There once was a successful farmer who provided the entire community eggs and pork. His business was thriving so he decided to build himself a nice shop where he could park all of his farm vehicles. It was something he always wanted to do and finally he had the money. His new shop was a beautiful building and very modern. He was very pleased with himself.
However, one day economic calamity struck the community and many people were not able to buy his goods and services. His revenues quickly dropped. Almost overnight the farmer did not have enough money to feed all of his animals to run his farm, including his guard dogs. The guard dogs were essential to making sure the coyotes and wolves did not eat his chickens and pigs. It took a minimum of 10 to do the job right. Without 10 dogs, his farm would be at great risk.
The community was angry because they knew the farmer had spent much of his savings on a shop for his farm vehicles. If the farmer had built a smaller shop or fixed the old shop instead the farm wouldn't be in this financial bind. There was nothing the farmer could do about that now though, and even if the town replaced the farmer, the new farmer would have the same immediate problem: how to feed all of the farm animals in order to provide the eggs and pork the community needed.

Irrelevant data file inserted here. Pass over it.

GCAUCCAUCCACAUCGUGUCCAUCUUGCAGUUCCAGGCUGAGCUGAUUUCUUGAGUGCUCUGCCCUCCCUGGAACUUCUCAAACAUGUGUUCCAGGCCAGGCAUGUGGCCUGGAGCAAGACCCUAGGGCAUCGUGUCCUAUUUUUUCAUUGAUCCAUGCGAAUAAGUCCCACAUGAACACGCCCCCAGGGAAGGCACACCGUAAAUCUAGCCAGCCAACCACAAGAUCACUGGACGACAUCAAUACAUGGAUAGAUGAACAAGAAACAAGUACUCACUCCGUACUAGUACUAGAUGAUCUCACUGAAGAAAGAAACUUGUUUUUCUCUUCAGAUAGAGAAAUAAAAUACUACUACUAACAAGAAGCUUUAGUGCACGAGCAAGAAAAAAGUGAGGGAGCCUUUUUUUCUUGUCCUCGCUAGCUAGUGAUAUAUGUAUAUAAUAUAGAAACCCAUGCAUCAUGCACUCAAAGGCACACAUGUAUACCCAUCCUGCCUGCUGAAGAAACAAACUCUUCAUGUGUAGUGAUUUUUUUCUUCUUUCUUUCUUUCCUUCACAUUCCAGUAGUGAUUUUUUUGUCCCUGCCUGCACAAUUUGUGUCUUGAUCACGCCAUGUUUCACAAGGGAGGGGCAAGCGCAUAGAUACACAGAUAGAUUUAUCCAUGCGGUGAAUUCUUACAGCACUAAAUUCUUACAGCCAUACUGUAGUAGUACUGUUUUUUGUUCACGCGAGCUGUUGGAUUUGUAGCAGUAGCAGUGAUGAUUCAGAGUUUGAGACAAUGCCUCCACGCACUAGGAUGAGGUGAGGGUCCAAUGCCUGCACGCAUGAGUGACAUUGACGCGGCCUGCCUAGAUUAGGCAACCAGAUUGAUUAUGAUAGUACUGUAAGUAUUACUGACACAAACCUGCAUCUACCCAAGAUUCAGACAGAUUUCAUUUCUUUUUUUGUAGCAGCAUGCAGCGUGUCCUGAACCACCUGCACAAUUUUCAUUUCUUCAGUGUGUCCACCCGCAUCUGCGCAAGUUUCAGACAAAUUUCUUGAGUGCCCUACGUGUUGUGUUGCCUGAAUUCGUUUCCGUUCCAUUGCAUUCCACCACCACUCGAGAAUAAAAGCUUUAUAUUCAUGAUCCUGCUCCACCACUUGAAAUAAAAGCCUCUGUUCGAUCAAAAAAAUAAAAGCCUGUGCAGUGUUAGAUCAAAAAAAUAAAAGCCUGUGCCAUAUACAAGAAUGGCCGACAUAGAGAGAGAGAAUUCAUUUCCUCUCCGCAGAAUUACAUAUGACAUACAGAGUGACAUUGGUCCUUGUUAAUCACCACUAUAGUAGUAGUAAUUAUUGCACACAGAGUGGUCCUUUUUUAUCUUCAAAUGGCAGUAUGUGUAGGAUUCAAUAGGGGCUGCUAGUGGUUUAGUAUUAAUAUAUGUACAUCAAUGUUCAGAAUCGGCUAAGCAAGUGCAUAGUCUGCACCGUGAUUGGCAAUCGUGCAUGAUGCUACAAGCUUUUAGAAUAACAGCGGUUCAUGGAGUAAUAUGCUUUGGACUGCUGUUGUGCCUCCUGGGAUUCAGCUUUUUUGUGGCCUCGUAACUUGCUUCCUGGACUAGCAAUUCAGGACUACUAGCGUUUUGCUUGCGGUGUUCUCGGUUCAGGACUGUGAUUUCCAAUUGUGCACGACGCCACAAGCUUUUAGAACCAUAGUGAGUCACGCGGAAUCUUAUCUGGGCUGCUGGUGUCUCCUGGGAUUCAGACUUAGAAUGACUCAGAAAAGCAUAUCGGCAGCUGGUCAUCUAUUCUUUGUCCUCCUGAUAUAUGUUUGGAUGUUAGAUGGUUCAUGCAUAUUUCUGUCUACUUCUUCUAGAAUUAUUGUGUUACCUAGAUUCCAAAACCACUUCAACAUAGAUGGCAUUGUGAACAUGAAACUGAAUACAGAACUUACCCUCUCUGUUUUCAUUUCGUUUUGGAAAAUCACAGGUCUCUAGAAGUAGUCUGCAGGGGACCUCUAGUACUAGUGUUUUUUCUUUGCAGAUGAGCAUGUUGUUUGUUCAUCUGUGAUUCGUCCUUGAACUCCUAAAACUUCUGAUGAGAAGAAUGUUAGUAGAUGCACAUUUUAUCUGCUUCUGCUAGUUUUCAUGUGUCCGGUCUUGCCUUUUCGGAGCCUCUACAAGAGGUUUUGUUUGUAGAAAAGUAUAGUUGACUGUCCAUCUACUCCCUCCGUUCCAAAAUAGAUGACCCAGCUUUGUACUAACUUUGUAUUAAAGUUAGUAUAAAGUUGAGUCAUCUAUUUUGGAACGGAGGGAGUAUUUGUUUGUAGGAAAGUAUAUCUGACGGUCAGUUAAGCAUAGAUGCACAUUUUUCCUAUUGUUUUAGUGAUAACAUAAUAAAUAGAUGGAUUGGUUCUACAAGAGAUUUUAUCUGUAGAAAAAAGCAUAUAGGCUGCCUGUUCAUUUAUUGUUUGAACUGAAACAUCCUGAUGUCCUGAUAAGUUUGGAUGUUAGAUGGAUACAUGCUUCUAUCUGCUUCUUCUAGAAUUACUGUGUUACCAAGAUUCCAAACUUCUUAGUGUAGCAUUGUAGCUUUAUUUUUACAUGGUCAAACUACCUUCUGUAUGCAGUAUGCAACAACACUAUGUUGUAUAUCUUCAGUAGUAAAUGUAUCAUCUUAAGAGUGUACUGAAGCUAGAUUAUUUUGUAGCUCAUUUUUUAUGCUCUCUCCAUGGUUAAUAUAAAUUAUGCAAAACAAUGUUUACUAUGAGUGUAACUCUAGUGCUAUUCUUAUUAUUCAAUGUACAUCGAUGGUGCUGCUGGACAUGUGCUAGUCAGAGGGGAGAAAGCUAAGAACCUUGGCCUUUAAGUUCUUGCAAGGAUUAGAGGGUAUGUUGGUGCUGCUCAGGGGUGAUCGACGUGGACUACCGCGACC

The farmer thought and thought. Then, he came up with an idea. He had a three cows on his farm that were nice to look at, but they didn't provide any of the goods or services he was required to provide to the community. What if he were to sell one of the cows or maybe two? It would temporarily increase his revenue, but more importantly lower his ongoing expenses so he could feed all the chickens, pigs and guard dogs. When his business returned to normal he could buy back the cows or even get a horse. While he didn't like the idea of selling the cows, it was the wise thing to do in order to meet his obligations.
However, someone from the Bovine Lovers of America (BLOA) — a very well organized and vocal minority in the community — caught wind of the farmer's plan and rallied 20 villagers to publicly protest the selling of the cows. "Cows are wonderful animals and the children love them, " they cried. "Sell some of your chickens or pigs, but leave the cows alone!" BLOA members wrote guest editorials in the paper and made a big stink about how the cows should be left alone for the children's' sake. "Without the cows how will our children learn where milk comes from?!?" The farmer was told he must figure out another way to feed the animals.
The farmer thought some more, but in the end gave in to the BLOA group. He couldn't sell any of the chickens or pigs because he needed them to produce the eggs and pork for the community. All that was left were the dogs. Therefore he reduced the guard dogs by half from 10 to five. This gave him the money he needed to feed the animals, but put at the same time put the animals at risk. After six months his chicken and pigs were reduced by half. Three months later the farm failed and so did the community because there was no food to go around.
The morale of the story is, "Sacred cows saved is often a community lost."